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It was a short, easy swim-through and then we explored the next cavern in the green glow from the light oozing in through the underwater passage.  The cave is oddly shaped, but there’s no place to get lost.  The sheer walls are brown limestone that blazes brightly under a torch, even below water.  The bottom is black rock, so even though it’s only ten feet down in places, the light beam appears to be swallowed by the abyss.  In some places you could swim down and see the bottom.  A dive in other spots revealed no bottom at all.  The last room could only be accessed by a fairly long, underwater swim.  The passage through was hidden in the corner of the second chamber about six feet below the water surface.  It was mostly straight, about eight feet wide, then came to  a quick turn at the end.  No dead ends, no spurs off to get lost in, and smooth rock walls.  After the initial paralyzing fear of swimming into a black tunnel underwater, the passage was really beautiful, like flying at the top of a cathedral, albeit with eels popping up here and there.  It’s okay, they’re friendly, but it reaffirms Miranda’s hold as most courageous person I know.  The third cavern is completely cut off from outside light.  The place echoed like thunder when we popped up and cleared our snorkels.  It was even difficult to talk because of the reverberation.  The place was fantastical, with drippy salt stalactites and strangely organic architecture.  We braved the pathways into darkness again the next day just to be back in the middle of an aquatic Dr. Seuss illustration.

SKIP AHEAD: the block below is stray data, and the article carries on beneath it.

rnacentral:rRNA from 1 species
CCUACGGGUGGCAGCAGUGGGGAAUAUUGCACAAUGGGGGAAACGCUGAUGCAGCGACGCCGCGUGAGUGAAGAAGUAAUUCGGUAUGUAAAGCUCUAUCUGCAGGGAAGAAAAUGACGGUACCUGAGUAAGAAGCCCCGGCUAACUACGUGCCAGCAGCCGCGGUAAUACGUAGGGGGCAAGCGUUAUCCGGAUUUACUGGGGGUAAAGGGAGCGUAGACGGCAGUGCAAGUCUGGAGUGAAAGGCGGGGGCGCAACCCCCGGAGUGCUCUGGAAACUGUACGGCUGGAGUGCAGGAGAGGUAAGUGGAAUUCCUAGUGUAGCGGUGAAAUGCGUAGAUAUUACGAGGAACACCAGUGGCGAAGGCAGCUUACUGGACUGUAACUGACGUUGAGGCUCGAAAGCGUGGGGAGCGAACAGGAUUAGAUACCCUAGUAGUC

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Stars filled the clear skies for a few calm nights, one of which we made a bonfire on the beach.  Nice to have a little connection to the terrestrial, to come back to the boat smoky and sandy.  It’s amazing how many consecutive days we go without touching land even though we’re island hopping.

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Tucked in a coral minefield between the Yasawas and Viti Levu is Vomo Island.  As we sailed east, the island’s protective reef could be seen shining bright yellow in the sun.  We weaseled our way in and dropped anchor in twenty feet of glittering sand.  We didn’t know anything about the place before we showed up and some exploring revealed incredible underwater topography. 

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The coral reefs were chest deep at the top and sixty feet deep one step away.  The vertical wall drew big and small fish alike and soft corals waved.  The water in the south here seems clearer than north in the Yasawas.  It made our deep free dives even more spectacular.  There’s a diver in the last two shots here.  Can you find them?

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Then it was back to Viti Levu to prep, provision, and wait for a weather window to sail south to New Zealand!  Back to the high seas!